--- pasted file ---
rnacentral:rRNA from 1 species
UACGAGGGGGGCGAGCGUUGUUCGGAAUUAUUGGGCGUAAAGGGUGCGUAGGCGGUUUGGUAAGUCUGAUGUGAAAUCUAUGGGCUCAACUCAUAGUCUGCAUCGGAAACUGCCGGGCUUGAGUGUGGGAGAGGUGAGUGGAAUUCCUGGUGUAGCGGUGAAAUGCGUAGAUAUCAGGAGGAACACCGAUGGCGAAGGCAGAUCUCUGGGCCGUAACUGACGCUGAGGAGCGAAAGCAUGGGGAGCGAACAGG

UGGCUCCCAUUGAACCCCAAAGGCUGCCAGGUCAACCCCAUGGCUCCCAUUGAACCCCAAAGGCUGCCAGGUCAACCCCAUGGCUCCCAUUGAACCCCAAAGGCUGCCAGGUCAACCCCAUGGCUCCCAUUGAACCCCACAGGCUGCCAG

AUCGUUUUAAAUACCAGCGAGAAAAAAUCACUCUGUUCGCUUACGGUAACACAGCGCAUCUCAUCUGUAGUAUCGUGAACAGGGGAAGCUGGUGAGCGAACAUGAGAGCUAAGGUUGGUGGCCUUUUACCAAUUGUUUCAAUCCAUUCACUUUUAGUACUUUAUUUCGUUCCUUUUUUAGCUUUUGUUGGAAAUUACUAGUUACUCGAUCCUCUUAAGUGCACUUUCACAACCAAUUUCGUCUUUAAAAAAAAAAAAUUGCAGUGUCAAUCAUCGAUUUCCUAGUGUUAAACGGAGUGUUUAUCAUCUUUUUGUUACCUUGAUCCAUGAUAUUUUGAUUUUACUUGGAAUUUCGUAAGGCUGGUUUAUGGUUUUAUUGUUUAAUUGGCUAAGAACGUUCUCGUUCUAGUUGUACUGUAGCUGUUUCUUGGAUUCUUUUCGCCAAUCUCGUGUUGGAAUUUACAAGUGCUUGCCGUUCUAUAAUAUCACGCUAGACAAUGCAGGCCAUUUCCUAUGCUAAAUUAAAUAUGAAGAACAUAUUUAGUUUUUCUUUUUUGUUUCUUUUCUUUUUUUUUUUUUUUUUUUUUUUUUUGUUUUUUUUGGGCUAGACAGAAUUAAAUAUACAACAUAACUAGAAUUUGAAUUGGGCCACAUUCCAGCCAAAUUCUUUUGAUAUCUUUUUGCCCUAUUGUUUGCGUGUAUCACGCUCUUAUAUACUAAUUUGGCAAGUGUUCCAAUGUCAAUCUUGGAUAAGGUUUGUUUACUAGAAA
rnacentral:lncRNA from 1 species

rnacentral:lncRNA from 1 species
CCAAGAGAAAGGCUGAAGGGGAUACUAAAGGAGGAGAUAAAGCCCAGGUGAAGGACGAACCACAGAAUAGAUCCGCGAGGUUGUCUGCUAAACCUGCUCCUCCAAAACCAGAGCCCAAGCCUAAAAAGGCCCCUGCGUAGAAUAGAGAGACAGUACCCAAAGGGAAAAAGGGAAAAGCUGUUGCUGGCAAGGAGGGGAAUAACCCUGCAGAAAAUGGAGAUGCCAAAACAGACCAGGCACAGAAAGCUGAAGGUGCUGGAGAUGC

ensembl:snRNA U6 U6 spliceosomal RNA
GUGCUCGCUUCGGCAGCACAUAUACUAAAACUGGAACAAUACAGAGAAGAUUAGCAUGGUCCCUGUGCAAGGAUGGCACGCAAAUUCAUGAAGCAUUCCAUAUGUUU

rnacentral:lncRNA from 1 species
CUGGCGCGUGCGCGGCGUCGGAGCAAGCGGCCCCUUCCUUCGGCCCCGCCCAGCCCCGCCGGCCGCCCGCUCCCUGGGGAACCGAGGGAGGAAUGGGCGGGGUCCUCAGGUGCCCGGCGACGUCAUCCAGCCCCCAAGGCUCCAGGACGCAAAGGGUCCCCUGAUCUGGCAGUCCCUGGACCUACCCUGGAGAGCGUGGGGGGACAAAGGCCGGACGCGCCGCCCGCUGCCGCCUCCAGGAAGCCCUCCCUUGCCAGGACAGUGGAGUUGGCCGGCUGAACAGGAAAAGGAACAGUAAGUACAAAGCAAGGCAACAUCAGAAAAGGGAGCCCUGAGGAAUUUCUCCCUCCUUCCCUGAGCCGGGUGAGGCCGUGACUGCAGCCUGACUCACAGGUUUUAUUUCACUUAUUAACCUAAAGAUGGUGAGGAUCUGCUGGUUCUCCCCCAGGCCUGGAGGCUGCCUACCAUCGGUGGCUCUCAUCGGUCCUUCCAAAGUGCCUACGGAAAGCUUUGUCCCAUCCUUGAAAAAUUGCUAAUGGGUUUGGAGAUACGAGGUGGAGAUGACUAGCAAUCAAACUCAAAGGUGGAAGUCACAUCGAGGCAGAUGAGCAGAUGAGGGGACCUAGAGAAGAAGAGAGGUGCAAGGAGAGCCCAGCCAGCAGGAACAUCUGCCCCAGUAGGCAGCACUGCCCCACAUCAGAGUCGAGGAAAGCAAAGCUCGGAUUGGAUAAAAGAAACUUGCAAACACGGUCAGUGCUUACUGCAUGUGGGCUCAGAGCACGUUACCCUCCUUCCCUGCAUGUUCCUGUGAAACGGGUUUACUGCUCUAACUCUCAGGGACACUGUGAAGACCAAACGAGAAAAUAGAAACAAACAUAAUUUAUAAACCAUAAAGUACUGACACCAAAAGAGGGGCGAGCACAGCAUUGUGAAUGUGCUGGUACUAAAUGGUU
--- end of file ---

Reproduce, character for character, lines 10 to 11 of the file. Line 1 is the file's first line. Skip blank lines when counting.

rnacentral:lncRNA from 1 species
CUGGCGCGUGCGCGGCGUCGGAGCAAGCGGCCCCUUCCUUCGGCCCCGCCCAGCCCCGCCGGCCGCCCGCUCCCUGGGGAACCGAGGGAGGAAUGGGCGGGGUCCUCAGGUGCCCGGCGACGUCAUCCAGCCCCCAAGGCUCCAGGACGCAAAGGGUCCCCUGAUCUGGCAGUCCCUGGACCUACCCUGGAGAGCGUGGGGGGACAAAGGCCGGACGCGCCGCCCGCUGCCGCCUCCAGGAAGCCCUCCCUUGCCAGGACAGUGGAGUUGGCCGGCUGAACAGGAAAAGGAACAGUAAGUACAAAGCAAGGCAACAUCAGAAAAGGGAGCCCUGAGGAAUUUCUCCCUCCUUCCCUGAGCCGGGUGAGGCCGUGACUGCAGCCUGACUCACAGGUUUUAUUUCACUUAUUAACCUAAAGAUGGUGAGGAUCUGCUGGUUCUCCCCCAGGCCUGGAGGCUGCCUACCAUCGGUGGCUCUCAUCGGUCCUUCCAAAGUGCCUACGGAAAGCUUUGUCCCAUCCUUGAAAAAUUGCUAAUGGGUUUGGAGAUACGAGGUGGAGAUGACUAGCAAUCAAACUCAAAGGUGGAAGUCACAUCGAGGCAGAUGAGCAGAUGAGGGGACCUAGAGAAGAAGAGAGGUGCAAGGAGAGCCCAGCCAGCAGGAACAUCUGCCCCAGUAGGCAGCACUGCCCCACAUCAGAGUCGAGGAAAGCAAAGCUCGGAUUGGAUAAAAGAAACUUGCAAACACGGUCAGUGCUUACUGCAUGUGGGCUCAGAGCACGUUACCCUCCUUCCCUGCAUGUUCCUGUGAAACGGGUUUACUGCUCUAACUCUCAGGGACACUGUGAAGACCAAACGAGAAAAUAGAAACAAACAUAAUUUAUAAACCAUAAAGUACUGACACCAAAAGAGGGGCGAGCACAGCAUUGUGAAUGUGCUGGUACUAAAUGGUU